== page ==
The front table of Mrs. Dalloway’s bookstore on College Avenue in Berkeley is brimming with cookbooks, a sure sign of the holiday season. Many publishers release cookbooks in October so they have time to build enough buzz to make them a must-have on every foodies’ holiday gift list.
A number of high-profile cooks and food writers released books this year, including a third tome from the popular Israeli chef Yotam Ottolenghi called Plenty More; How to Cook Everything Fast by Mark Bittman; and the ever-popular Joy of Cooking.
All good cookbooks, to be sure. But what is out there to buy for the devoted locavore? How about narrowing that down to authors with an East Bay connection?
Below are Nosh’s holiday gift recommendations: five fabulous cookbooks featuring local chefs or cooks with East Bay connections. And, as with much of the food in the East Bay, it begins at Chez Panisse.
Mention “Berkeleyside Nosh” at Mrs Dalloway’s and you’ll receive a 10% discount on any of these books! … Continue reading »
Designed with reference to the cowboy Chuck Wagon, the Charlie Cart sports two burners, an oven, drawers filled with 10 sets of utensils, dishes, pots and pans, a manual-water-pump, and a drought-wise grey-water waste bucket for returning all water to the garden.
The Charlie Cart Project launched on Nov. 7 on Kickstarter. The $40,000 it aims to raise will fund three pilot cooking and nutrition programs in California, where lessons and a mobile kitchen will be tested and refined before rolling out nationwide in 2015. … Continue reading »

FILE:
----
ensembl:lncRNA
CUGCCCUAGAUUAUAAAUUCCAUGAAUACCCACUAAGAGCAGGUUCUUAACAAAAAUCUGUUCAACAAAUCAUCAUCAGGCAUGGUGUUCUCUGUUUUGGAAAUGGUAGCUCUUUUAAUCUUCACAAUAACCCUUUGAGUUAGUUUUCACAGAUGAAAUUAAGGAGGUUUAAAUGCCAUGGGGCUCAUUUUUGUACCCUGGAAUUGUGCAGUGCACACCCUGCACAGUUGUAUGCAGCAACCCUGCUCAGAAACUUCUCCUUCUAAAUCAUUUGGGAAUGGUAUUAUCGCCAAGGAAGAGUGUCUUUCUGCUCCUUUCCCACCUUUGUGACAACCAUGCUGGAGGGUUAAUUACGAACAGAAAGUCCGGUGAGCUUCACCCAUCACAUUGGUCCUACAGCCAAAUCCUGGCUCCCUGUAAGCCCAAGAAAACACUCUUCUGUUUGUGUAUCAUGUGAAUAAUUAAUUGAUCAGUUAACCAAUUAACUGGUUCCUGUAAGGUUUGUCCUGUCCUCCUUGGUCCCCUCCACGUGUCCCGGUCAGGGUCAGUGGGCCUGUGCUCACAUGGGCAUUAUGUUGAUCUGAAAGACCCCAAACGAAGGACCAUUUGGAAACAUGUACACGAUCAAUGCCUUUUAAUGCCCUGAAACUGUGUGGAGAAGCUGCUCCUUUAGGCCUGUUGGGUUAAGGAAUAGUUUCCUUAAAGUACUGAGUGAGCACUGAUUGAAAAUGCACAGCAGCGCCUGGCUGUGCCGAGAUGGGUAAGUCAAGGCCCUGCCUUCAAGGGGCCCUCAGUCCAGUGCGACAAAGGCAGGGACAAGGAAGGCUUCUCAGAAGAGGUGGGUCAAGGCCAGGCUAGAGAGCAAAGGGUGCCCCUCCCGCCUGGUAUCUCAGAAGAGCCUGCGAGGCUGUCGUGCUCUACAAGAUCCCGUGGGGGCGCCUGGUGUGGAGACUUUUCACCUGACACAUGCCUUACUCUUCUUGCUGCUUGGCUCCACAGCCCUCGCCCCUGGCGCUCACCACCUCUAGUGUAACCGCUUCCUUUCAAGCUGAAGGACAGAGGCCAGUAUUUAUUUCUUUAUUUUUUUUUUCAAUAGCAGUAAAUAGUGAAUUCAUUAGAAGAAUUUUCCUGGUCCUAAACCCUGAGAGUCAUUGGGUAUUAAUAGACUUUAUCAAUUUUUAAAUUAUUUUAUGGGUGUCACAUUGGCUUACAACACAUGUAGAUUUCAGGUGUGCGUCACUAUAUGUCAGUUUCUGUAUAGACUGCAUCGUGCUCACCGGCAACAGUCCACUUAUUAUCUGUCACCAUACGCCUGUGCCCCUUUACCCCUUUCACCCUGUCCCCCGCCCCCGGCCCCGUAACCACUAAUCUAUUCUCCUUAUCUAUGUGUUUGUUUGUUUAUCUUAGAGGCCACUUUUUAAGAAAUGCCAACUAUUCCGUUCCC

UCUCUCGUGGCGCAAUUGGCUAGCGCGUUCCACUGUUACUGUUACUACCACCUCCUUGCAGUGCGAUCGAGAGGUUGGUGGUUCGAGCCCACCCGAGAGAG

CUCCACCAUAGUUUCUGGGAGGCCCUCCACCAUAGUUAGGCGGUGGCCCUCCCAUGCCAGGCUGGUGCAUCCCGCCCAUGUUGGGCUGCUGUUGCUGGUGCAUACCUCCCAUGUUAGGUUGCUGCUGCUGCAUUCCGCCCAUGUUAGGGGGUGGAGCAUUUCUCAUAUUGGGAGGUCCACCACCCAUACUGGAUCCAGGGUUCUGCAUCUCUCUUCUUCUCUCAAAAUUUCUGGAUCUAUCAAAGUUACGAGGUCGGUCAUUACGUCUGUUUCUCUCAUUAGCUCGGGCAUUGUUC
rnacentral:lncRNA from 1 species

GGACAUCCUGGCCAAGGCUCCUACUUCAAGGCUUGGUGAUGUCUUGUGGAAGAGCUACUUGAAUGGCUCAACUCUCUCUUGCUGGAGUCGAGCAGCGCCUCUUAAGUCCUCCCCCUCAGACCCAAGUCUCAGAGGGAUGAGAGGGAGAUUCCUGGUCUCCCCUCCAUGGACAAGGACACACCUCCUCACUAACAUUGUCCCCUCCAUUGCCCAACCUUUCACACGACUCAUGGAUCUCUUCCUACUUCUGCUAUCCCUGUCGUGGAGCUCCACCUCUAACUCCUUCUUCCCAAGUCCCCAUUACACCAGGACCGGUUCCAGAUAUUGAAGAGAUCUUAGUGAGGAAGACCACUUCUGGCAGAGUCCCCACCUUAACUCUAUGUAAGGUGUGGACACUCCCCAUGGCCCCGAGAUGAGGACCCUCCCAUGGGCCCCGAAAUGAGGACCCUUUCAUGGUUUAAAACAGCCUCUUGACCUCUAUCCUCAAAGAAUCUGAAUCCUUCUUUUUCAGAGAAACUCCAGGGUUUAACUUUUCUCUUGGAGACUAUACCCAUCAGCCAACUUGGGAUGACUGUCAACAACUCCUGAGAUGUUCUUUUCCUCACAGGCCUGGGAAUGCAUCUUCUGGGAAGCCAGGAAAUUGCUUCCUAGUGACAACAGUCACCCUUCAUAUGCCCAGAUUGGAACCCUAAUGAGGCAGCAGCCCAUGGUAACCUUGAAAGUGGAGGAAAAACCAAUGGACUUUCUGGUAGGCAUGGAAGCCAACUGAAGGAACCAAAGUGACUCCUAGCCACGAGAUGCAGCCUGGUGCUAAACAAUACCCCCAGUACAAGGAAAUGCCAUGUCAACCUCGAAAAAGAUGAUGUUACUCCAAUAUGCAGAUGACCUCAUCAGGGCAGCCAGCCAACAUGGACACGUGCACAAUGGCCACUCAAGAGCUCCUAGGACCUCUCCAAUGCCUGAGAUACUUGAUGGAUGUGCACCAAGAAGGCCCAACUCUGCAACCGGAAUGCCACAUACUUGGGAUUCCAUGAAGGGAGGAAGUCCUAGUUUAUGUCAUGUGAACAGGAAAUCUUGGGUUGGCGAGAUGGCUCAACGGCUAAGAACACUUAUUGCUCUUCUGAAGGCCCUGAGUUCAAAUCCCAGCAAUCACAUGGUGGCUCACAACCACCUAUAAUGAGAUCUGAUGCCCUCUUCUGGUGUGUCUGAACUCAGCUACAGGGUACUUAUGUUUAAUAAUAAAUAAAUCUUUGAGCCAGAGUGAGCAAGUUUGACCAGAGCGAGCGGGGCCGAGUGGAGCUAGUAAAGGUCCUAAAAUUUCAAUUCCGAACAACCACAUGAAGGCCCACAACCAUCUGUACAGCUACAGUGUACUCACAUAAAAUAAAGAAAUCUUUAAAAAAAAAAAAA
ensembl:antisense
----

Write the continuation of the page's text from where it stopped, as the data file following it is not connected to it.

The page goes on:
Douglas Gayeton spent five years working on his new book LOCAL: The New Face of Food and Farming in America, a collection of beautiful information artworks accompanied by short essays chronicling the constituents of our country’s sustainable food system. The writer and photographer traveled all over the country, and he says he always knew almost immediately when a photo shoot wasn’t going to work out. If he was approaching a group of animals with a rancher, for instance, and they all began to walk away from them, he knew the gig was a bust.
“There are certain principles of animal husbandry, and if the animals demonstrate with their behavior they believe they have something to fear, it tells you a lot about the relationship,” Gayeton said.
Similarly, if he couldn’t spot a single weed in a field of produce, Gayeton would move on to the next project. “Everything is about the practice,” he said. “The farmer has been using pesticides. It’s not humanly possible to get rid of every weed.” … Continue reading »
Jamie Oliver, aka the Naked Chef, who is probably best known in the U.S. for his Food Revolution TV series, visited the Edible Schoolyard at King School in Berkeley today. His host was Chez Panisse owner Alice Waters who spearheaded the creation of the internationally renowned edible program at the middle school, and founded the nonprofit Edible Schoolyard Project.